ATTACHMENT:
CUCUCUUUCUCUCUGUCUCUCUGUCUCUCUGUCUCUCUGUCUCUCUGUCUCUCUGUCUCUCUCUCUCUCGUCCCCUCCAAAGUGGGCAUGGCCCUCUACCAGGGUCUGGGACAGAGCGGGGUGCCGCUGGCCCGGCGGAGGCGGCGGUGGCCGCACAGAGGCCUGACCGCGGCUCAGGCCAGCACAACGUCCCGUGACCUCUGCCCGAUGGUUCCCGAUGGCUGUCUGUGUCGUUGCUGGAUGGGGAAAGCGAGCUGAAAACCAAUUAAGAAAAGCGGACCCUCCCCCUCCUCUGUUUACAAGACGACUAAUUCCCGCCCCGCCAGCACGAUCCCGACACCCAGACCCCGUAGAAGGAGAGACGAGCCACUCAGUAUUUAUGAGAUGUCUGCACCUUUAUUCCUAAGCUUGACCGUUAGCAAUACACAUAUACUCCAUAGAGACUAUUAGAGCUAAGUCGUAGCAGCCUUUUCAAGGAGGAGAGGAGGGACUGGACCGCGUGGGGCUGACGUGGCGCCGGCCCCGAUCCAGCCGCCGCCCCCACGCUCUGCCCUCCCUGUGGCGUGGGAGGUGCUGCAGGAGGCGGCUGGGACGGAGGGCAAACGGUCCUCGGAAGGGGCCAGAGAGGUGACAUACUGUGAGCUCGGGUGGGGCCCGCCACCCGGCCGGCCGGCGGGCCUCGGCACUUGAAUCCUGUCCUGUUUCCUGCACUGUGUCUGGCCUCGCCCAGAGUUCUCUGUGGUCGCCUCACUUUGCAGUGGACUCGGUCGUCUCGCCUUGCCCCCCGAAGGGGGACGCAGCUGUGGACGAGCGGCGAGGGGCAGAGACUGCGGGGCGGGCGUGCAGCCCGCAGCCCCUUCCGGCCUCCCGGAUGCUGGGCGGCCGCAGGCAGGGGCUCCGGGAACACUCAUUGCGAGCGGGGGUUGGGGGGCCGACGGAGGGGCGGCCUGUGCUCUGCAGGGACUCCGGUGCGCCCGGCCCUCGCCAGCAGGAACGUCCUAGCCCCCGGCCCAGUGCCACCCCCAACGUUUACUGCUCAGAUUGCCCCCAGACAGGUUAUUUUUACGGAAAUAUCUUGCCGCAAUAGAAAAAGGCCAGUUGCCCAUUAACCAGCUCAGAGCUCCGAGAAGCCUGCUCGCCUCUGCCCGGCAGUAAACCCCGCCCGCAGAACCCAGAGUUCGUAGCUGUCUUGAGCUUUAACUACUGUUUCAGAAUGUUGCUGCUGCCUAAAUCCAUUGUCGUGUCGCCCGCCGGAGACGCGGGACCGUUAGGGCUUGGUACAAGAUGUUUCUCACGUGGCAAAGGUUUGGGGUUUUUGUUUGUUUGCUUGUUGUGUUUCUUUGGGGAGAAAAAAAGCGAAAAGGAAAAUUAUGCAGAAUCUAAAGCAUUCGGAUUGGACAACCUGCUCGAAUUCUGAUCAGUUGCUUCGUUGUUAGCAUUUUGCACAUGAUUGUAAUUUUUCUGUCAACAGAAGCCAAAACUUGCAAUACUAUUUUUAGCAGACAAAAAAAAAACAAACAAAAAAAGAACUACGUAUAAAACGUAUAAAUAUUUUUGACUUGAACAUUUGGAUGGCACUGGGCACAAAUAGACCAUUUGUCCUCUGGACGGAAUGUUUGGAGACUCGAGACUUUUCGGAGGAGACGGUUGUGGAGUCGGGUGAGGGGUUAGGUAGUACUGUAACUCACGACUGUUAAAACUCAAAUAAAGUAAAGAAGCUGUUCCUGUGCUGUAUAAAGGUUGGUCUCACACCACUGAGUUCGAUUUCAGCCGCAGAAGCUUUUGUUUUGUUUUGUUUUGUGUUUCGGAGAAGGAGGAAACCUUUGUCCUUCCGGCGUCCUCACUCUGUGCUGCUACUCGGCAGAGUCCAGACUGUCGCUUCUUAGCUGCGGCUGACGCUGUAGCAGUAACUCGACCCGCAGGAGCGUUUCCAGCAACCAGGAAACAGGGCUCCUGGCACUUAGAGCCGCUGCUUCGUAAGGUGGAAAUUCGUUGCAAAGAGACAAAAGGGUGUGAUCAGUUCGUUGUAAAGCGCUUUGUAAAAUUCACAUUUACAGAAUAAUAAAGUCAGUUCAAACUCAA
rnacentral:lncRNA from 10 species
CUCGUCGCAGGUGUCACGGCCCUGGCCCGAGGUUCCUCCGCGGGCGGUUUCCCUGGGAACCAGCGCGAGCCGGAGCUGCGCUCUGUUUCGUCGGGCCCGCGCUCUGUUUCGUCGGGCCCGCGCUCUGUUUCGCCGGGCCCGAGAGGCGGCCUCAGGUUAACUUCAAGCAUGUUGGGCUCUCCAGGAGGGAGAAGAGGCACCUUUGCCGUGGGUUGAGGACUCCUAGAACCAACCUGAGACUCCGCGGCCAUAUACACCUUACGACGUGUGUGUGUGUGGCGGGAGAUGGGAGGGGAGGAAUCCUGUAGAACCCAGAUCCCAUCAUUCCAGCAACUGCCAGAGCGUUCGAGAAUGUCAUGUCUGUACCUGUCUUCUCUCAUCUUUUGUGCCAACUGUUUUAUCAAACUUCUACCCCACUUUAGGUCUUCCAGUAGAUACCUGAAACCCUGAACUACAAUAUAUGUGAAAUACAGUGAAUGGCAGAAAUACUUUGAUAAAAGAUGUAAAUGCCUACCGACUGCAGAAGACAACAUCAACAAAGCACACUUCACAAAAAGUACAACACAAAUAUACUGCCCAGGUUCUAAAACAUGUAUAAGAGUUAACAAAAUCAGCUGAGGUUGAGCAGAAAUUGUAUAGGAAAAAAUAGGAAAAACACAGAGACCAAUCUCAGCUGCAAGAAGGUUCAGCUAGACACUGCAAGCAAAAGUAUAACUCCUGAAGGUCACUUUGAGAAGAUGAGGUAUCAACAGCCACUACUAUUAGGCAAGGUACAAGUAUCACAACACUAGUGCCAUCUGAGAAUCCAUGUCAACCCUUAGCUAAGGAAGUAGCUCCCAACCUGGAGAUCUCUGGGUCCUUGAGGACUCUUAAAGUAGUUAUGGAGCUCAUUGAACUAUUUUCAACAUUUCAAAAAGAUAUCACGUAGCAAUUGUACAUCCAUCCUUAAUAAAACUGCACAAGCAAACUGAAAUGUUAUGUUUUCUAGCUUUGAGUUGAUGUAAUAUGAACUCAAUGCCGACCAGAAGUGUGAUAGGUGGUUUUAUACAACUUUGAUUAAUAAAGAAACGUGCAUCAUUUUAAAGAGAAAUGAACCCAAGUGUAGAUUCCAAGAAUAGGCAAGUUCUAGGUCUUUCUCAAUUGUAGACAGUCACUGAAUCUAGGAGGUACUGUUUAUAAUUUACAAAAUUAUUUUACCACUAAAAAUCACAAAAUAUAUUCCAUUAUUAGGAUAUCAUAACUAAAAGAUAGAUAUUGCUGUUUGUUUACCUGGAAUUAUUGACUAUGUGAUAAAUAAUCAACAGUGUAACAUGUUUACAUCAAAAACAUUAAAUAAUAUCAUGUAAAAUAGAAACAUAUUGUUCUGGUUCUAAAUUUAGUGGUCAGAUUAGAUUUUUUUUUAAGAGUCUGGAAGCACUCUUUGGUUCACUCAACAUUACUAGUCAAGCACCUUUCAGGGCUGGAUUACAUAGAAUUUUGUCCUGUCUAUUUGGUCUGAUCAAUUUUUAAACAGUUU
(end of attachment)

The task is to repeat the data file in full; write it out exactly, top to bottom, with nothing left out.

CUCUCUUUCUCUCUGUCUCUCUGUCUCUCUGUCUCUCUGUCUCUCUGUCUCUCUGUCUCUCUCUCUCUCGUCCCCUCCAAAGUGGGCAUGGCCCUCUACCAGGGUCUGGGACAGAGCGGGGUGCCGCUGGCCCGGCGGAGGCGGCGGUGGCCGCACAGAGGCCUGACCGCGGCUCAGGCCAGCACAACGUCCCGUGACCUCUGCCCGAUGGUUCCCGAUGGCUGUCUGUGUCGUUGCUGGAUGGGGAAAGCGAGCUGAAAACCAAUUAAGAAAAGCGGACCCUCCCCCUCCUCUGUUUACAAGACGACUAAUUCCCGCCCCGCCAGCACGAUCCCGACACCCAGACCCCGUAGAAGGAGAGACGAGCCACUCAGUAUUUAUGAGAUGUCUGCACCUUUAUUCCUAAGCUUGACCGUUAGCAAUACACAUAUACUCCAUAGAGACUAUUAGAGCUAAGUCGUAGCAGCCUUUUCAAGGAGGAGAGGAGGGACUGGACCGCGUGGGGCUGACGUGGCGCCGGCCCCGAUCCAGCCGCCGCCCCCACGCUCUGCCCUCCCUGUGGCGUGGGAGGUGCUGCAGGAGGCGGCUGGGACGGAGGGCAAACGGUCCUCGGAAGGGGCCAGAGAGGUGACAUACUGUGAGCUCGGGUGGGGCCCGCCACCCGGCCGGCCGGCGGGCCUCGGCACUUGAAUCCUGUCCUGUUUCCUGCACUGUGUCUGGCCUCGCCCAGAGUUCUCUGUGGUCGCCUCACUUUGCAGUGGACUCGGUCGUCUCGCCUUGCCCCCCGAAGGGGGACGCAGCUGUGGACGAGCGGCGAGGGGCAGAGACUGCGGGGCGGGCGUGCAGCCCGCAGCCCCUUCCGGCCUCCCGGAUGCUGGGCGGCCGCAGGCAGGGGCUCCGGGAACACUCAUUGCGAGCGGGGGUUGGGGGGCCGACGGAGGGGCGGCCUGUGCUCUGCAGGGACUCCGGUGCGCCCGGCCCUCGCCAGCAGGAACGUCCUAGCCCCCGGCCCAGUGCCACCCCCAACGUUUACUGCUCAGAUUGCCCCCAGACAGGUUAUUUUUACGGAAAUAUCUUGCCGCAAUAGAAAAAGGCCAGUUGCCCAUUAACCAGCUCAGAGCUCCGAGAAGCCUGCUCGCCUCUGCCCGGCAGUAAACCCCGCCCGCAGAACCCAGAGUUCGUAGCUGUCUUGAGCUUUAACUACUGUUUCAGAAUGUUGCUGCUGCCUAAAUCCAUUGUCGUGUCGCCCGCCGGAGACGCGGGACCGUUAGGGCUUGGUACAAGAUGUUUCUCACGUGGCAAAGGUUUGGGGUUUUUGUUUGUUUGCUUGUUGUGUUUCUUUGGGGAGAAAAAAAGCGAAAAGGAAAAUUAUGCAGAAUCUAAAGCAUUCGGAUUGGACAACCUGCUCGAAUUCUGAUCAGUUGCUUCGUUGUUAGCAUUUUGCACAUGAUUGUAAUUUUUCUGUCAACAGAAGCCAAAACUUGCAAUACUAUUUUUAGCAGACAAAAAAAAAACAAACAAAAAAAGAACUACGUAUAAAACGUAUAAAUAUUUUUGACUUGAACAUUUGGAUGGCACUGGGCACAAAUAGACCAUUUGUCCUCUGGACGGAAUGUUUGGAGACUCGAGACUUUUCGGAGGAGACGGUUGUGGAGUCGGGUGAGGGGUUAGGUAGUACUGUAACUCACGACUGUUAAAACUCAAAUAAAGUAAAGAAGCUGUUCCUGUGCUGUAUAAAGGUUGGUCUCACACCACUGAGUUCGAUUUCAGCCGCAGAAGCUUUUGUUUUGUUUUGUUUUGUGUUUCGGAGAAGGAGGAAACCUUUGUCCUUCCGGCGUCCUCACUCUGUGCUGCUACUCGGCAGAGUCCAGACUGUCGCUUCUUAGCUGCGGCUGACGCUGUAGCAGUAACUCGACCCGCAGGAGCGUUUCCAGCAACCAGGAAACAGGGCUCCUGGCACUUAGAGCCGCUGCUUCGUAAGGUGGAAAUUCGUUGCAAAGAGACAAAAGGGUGUGAUCAGUUCGUUGUAAAGCGCUUUGUAAAAUUCACAUUUACAGAAUAAUAAAGUCAGUUCAAACUCAA
rnacentral:lncRNA from 10 species
CUCGUCGCAGGUGUCACGGCCCUGGCCCGAGGUUCCUCCGCGGGCGGUUUCCCUGGGAACCAGCGCGAGCCGGAGCUGCGCUCUGUUUCGUCGGGCCCGCGCUCUGUUUCGUCGGGCCCGCGCUCUGUUUCGCCGGGCCCGAGAGGCGGCCUCAGGUUAACUUCAAGCAUGUUGGGCUCUCCAGGAGGGAGAAGAGGCACCUUUGCCGUGGGUUGAGGACUCCUAGAACCAACCUGAGACUCCGCGGCCAUAUACACCUUACGACGUGUGUGUGUGUGGCGGGAGAUGGGAGGGGAGGAAUCCUGUAGAACCCAGAUCCCAUCAUUCCAGCAACUGCCAGAGCGUUCGAGAAUGUCAUGUCUGUACCUGUCUUCUCUCAUCUUUUGUGCCAACUGUUUUAUCAAACUUCUACCCCACUUUAGGUCUUCCAGUAGAUACCUGAAACCCUGAACUACAAUAUAUGUGAAAUACAGUGAAUGGCAGAAAUACUUUGAUAAAAGAUGUAAAUGCCUACCGACUGCAGAAGACAACAUCAACAAAGCACACUUCACAAAAAGUACAACACAAAUAUACUGCCCAGGUUCUAAAACAUGUAUAAGAGUUAACAAAAUCAGCUGAGGUUGAGCAGAAAUUGUAUAGGAAAAAAUAGGAAAAACACAGAGACCAAUCUCAGCUGCAAGAAGGUUCAGCUAGACACUGCAAGCAAAAGUAUAACUCCUGAAGGUCACUUUGAGAAGAUGAGGUAUCAACAGCCACUACUAUUAGGCAAGGUACAAGUAUCACAACACUAGUGCCAUCUGAGAAUCCAUGUCAACCCUUAGCUAAGGAAGUAGCUCCCAACCUGGAGAUCUCUGGGUCCUUGAGGACUCUUAAAGUAGUUAUGGAGCUCAUUGAACUAUUUUCAACAUUUCAAAAAGAUAUCACGUAGCAAUUGUACAUCCAUCCUUAAUAAAACUGCACAAGCAAACUGAAAUGUUAUGUUUUCUAGCUUUGAGUUGAUGUAAUAUGAACUCAAUGCCGACCAGAAGUGUGAUAGGUGGUUUUAUACAACUUUGAUUAAUAAAGAAACGUGCAUCAUUUUAAAGAGAAAUGAACCCAAGUGUAGAUUCCAAGAAUAGGCAAGUUCUAGGUCUUUCUCAAUUGUAGACAGUCACUGAAUCUAGGAGGUACUGUUUAUAAUUUACAAAAUUAUUUUACCACUAAAAAUCACAAAAUAUAUUCCAUUAUUAGGAUAUCAUAACUAAAAGAUAGAUAUUGCUGUUUGUUUACCUGGAAUUAUUGACUAUGUGAUAAAUAAUCAACAGUGUAACAUGUUUACAUCAAAAACAUUAAAUAAUAUCAUGUAAAAUAGAAACAUAUUGUUCUGGUUCUAAAUUUAGUGGUCAGAUUAGAUUUUUUUUUAAGAGUCUGGAAGCACUCUUUGGUUCACUCAACAUUACUAGUCAAGCACCUUUCAGGGCUGGAUUACAUAGAAUUUUGUCCUGUCUAUUUGGUCUGAUCAAUUUUUAAACAGUUU